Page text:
French President François Hollande returned from vacation on Sunday, August 19, and called on lawmakers to return to work to address the various issues facing France, notably financial measures to confront the European debt crisis, and to continue to act upon the platform that brought him to victory in May, Le Monde and 20 Minutes reported. As reached his 100th day in office on Monday, August 13, the first part of his tenure was met with mixed reviews, as covered by Deutsche Welle and NPR. L’Express reported that polls continued to show a relatively high approval rating, while Le Point criticized the president’s first acts as president as “symbolic, vengeful and dangerous.”
President François Hollande said on Tuesday, August 14, that the government would use all means necessary to stop further violence after a riot broke out near Amiens the night before. Youths in the outskirts of the northern city reacted violently to the forceful arrest of a man for reckless driving, Global Post, TIME and BBC reported. The riot, which saw at least 17 police officers injured and about $1.2 million in property damages, followed a violent incident in the southern city of Toulouse, leading experts to question whether the ongoing tension between disenfranchised youth and security forces could lead to a wider outbreak, as has been seen in France several times in the past decade, according to The LA Times and Marianne 2. Le Nouvel Observateur explored the problem of “banalization” of such recurring violence, while The Guardian looked at the need for security forces to create a less abrasive rapport with the youth populations faced with sub-par housing, high unemployment and social stigma.
As security returned to the fore in political discourse, Interior Minister Manuel Valls announced on Thursday, August 16, that France would create 500 posts for police and gendarmes each year beginning in 2013. President François Hollande had called for a total of 1,000 additional security positions to be created annually during his presidency, Le Nouvel Observateur and Le Monde reported.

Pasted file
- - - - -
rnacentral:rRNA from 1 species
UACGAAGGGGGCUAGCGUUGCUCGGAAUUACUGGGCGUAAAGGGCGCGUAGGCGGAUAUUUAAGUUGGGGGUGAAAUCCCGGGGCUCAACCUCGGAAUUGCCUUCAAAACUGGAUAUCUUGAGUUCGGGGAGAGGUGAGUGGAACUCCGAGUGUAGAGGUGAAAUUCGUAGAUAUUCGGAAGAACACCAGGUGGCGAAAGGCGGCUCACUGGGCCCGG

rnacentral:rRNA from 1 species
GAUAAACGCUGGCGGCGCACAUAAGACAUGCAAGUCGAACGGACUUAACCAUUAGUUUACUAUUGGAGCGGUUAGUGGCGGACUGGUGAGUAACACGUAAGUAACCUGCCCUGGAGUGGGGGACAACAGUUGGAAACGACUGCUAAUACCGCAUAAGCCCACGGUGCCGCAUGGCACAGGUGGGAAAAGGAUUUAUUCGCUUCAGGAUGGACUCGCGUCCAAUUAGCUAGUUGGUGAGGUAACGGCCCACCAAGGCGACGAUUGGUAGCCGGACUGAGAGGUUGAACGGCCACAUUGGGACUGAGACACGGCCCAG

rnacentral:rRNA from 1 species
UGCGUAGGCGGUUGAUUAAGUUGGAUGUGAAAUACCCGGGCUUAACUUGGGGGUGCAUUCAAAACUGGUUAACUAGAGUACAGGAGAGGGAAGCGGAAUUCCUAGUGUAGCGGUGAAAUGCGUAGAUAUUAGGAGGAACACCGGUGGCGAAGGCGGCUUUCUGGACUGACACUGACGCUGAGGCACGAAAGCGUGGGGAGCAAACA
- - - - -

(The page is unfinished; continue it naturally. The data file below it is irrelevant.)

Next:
Le Nouvel Observateur published excerpts from the work, “Rien ne se passe comme prévu” (Nothing Happens as Predicted), a political portrait providing an intimate look into the campaign of now President François Hollande to be released on Wednesday, August 22. Author Laurent Binet, winner of the 2010 Goncourt Prize for a first novel, was given complete access to Hollande on the campaign trail beginning in summer 2011, just as playwright Yasmina Reza had been granted leading up to 2007 victory of former President Nicolas Sarkozy before producing the controversial “L'Aube le Soir ou la Nuit” (Dawn Evening or Night), as covered by The Telegraph and Ouest-France.
The Catholic Church in France caused controversy with an Assumption prayer to be read across France on Wednesday, August 15, that evoked the Virgin Mary to support “traditional” families in France. This was in response to calls by the Socialist government to extend more rights, including marriage and adoption to same-sex marriage, and also to explore legalizing euthanasia, L’Express and The Chicago Tribune reported. The practice of setting a prayer specifically for France and its people was once common practice but had dwindled since the mid-20th century, according to Libération.